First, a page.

I remember reading once that a major reason for current difficulties in American family structure is the fact that the evening meal is no longer a big occasion. Family members let other activities interfere with dinner get-togetherness, moan the worriers. Eat and run is the rule now.
But I’m not sure our family situation bears out this diagnosis. We eat dinner together most of the time, but how much it benefits family life I’m not prepared to judge. Most nights, four separate accounts of what went on in school are launched before we even get properly seated.
“In math today,” one girl will begin, and the tale goes on at a rapid clip until she runs out of breath. Then there’s a pause.
Into the conversational gap comes, “You know what?” from one of the others.
“I wasn’t THROUGH!” protests the first.
So we assign turns, and for a while the day’s news is reported in more or less orderly fashion. But suddenly everyone is talking at once, and we start over.
What we need, I’ve concluded, is one of those devices used in stores. The customers take a number to get served in turn. We could install it as a centerpiece, and everyone would present a number before speaking.
Definitely, I’ll tell the girls that’s what we’re going to do. As soon as it’s my turn to speak at dinner tonight.
Another 1968 memo
Two weeks ago my boss wrote in an editorial that he thought we in the suburbs should stop talking about the possibility of racial violence in our neighborhoods.
I nodded sagely in agreement, wished vaguely that he had suggested something more concrete in the way of counter-action, and let the matter slip from my mind.
Until a few days ago. Then I heard some of the most sensible people I know, with some inflammatory suburban literature in front of them, speaking of acquiring guns and determining escape routes “just in case.”
So I’ll use this space where I usually try to be clever, to state emphatically the feelings of one suburban housewife and mother.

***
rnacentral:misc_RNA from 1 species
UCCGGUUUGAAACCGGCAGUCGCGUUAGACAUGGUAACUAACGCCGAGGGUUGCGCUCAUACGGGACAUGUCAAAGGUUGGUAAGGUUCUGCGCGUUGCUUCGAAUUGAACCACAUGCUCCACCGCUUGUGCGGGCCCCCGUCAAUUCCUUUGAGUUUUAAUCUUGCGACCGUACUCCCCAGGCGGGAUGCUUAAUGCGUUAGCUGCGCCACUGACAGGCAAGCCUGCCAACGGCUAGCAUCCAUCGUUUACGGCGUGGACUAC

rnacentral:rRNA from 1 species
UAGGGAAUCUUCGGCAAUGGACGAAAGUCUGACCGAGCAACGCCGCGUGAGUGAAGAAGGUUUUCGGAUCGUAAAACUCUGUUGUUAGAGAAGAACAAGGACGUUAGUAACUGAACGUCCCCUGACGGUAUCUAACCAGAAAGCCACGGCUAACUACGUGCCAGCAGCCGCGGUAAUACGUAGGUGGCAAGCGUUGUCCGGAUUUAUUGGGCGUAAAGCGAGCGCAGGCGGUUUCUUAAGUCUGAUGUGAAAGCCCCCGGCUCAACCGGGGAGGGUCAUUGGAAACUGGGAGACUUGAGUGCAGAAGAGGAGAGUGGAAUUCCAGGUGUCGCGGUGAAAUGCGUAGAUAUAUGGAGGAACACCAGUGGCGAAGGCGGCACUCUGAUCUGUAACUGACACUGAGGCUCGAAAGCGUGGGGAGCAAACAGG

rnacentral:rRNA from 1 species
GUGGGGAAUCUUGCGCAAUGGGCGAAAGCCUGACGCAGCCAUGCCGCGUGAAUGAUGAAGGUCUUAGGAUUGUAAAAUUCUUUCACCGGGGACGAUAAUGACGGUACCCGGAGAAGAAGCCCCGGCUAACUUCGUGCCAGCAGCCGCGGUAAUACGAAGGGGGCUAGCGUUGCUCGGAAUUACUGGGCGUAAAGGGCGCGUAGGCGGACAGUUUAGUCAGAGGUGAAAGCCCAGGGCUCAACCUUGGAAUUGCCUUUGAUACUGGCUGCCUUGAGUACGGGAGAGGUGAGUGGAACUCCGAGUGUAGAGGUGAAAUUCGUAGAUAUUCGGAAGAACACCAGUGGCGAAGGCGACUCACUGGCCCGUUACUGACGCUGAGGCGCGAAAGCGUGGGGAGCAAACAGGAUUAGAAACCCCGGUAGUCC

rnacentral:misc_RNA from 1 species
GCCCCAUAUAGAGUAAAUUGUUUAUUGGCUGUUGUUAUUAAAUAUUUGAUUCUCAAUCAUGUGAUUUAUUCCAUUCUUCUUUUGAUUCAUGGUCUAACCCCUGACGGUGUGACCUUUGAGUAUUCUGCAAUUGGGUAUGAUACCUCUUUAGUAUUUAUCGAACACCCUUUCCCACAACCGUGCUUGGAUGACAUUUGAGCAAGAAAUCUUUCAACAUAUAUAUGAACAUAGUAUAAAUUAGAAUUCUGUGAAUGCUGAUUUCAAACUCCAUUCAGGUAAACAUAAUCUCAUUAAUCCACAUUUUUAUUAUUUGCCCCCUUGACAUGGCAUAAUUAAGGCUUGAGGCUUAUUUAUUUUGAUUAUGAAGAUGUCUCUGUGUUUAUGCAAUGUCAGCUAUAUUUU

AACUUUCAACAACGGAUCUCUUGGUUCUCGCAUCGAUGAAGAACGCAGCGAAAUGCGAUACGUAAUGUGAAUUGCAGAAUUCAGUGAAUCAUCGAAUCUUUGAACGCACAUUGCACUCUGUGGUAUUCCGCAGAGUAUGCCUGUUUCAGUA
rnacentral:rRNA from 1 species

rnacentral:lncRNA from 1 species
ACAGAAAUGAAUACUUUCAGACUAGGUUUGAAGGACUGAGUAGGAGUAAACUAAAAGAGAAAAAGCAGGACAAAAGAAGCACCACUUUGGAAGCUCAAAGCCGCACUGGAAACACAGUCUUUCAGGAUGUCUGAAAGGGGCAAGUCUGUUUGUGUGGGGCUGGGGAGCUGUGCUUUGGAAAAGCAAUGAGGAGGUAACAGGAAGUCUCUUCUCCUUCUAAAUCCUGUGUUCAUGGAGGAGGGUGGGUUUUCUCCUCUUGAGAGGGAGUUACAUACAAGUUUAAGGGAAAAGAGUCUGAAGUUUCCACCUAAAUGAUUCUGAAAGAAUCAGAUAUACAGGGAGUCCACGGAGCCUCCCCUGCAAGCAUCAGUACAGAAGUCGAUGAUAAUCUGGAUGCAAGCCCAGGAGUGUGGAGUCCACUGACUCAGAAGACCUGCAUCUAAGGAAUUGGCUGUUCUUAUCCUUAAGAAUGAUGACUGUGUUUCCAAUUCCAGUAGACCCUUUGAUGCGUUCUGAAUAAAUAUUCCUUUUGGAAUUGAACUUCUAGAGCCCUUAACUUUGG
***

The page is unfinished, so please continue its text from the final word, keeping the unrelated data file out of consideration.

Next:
They are simply this – that one thing we can do in a crazy world is refuse to be a part of deliberately-planted hysteria; that one thing we can believe, and teach our children by our actions, is that people of all races are just people, though there are extremists of both kinds who would have us think otherwise.
Of course I love my children and would do anything to protect them.
But I’m convinced that getting us to turn our neighborhoods into arsenals is just what the extremists hope to accomplish, and that if we oblige we’re asking for exactly the kind of horror we want to avoid.
From her obituary, written by Mary Miller
Margaret enjoyed playing bridge and attending plays, sewing and quilting and needlepoint, talking politics and playing Scrabble. She sang in church choirs and community choruses, and listened to classical music throughout her life. She participated in Campfire Girls as a child, and cheered for the Detroit Tigers far into retirement; she hosted dinner parties in Michigan, helped save turtle nests in Florida, and sang with the Ukes music group in Texas. Her mind stored long poems and all the verses of many hymns, her heart carried family histories and stories. She enjoyed watching Big Ten football, swimming and playing tennis, and reading good novels and biographies. She was a remarkable writer. She made and kept close friendships all through her life, and especially treasured time spent with her grandchildren, in whom she took tremendous pride. Her generous spirit, her integrity and open mind and commitment to social justice, her joy in life and her love for her family, will always be remembered.
From my Facebook page, September 13, 2012
My mother, Margaret Miller, led an amazing life. A talented writer and newspaperwoman, a wonder with yarn and macrame cord, a devoted friend to many in Michigan, Florida, Texas, and Washington, a loving wife, an amazing mother to four daughters, and a woman who never found a beach she didn’t want to walk on. She died last night at the age of 90. Rest in peace, Mom.